Otc mulie hunt

lungpuncher1

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Aug 30, 2015
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I'm an eastern guy looking to venture West and mulies really call to me. What would be the best way to get my feet wet on mule deer?

I'm really looking for a rifle hunt, something a little better odds but im also not looking for a giant. Just a good hunt and a way to get started out west.
 

BigAntlerGetter

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Sep 5, 2012
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Gypsum, CO
Not much for OTC in Colorado, unless you can pick up a leftover draw when they come out. Some decent units do end up with leftovers here other units aren't nearly as great.
 
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lungpuncher1

lungpuncher1

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Not much for OTC in Colorado, unless you can pick up a leftover draw when they come out. Some decent units do end up with leftovers here other units aren't nearly as great.
What's the best way to find out what units are good and what units are not so good per state?
 

BigAntlerGetter

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Gypsum, CO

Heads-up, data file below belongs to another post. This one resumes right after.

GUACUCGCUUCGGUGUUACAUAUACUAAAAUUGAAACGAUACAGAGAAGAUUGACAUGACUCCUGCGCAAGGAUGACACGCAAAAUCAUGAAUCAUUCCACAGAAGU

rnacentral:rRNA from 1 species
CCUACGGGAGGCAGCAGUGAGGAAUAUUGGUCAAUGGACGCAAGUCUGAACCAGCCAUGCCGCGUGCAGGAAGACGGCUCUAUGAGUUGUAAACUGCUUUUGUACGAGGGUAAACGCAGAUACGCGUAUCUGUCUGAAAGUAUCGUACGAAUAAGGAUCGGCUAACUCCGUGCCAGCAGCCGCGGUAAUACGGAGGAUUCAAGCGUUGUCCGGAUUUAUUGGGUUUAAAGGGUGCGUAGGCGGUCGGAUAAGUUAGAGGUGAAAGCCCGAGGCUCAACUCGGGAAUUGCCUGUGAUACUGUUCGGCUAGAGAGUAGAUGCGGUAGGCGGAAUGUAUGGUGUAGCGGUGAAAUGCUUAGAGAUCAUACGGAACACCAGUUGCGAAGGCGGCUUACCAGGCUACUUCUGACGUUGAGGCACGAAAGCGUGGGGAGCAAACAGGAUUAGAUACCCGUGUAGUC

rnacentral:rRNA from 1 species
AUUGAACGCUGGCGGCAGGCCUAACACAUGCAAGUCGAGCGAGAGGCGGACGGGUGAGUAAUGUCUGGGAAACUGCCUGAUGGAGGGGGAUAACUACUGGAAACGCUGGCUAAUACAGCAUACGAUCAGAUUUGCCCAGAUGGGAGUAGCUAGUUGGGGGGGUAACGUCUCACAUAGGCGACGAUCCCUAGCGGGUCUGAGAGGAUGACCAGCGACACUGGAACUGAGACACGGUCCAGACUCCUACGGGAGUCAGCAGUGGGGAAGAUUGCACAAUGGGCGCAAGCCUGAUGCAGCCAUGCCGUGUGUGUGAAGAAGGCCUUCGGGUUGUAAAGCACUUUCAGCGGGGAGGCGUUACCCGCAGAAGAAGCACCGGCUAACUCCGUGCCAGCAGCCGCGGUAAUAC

Just research, these forums are a great asset, the Colorado parks and wildlife website has information on their site that breaks down the regions of the state and units that are in those regions, as well as herd numbers.
Colorado Parks & Wildlife -
Plan Your Hunt

This has a ton of info for you to learn.
Colorado Parks & Wildlife -
Big Game ​​Regional​​ Hunt Guides

These are the Colorado regional hunt guides.

All this is for Colorado other states I'd be in the same boat as you are with no idea of the state or animals. Other resources are calling the regional biologists and asking them questions. And as you have done asking for info on the forums. Some will point you in the right direction, many want you to do some research yourself. The best thing to do is narrow down a state, then a region within the state then a specific GMU or 5. Waiting for Colorados leftover lists for 2017 will put you way behind on the game so if you plan to hunt CO I'd plan for 2018. I'm not sure about OTC in other states though if you want to hunt 2017.
 
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lungpuncher1

lungpuncher1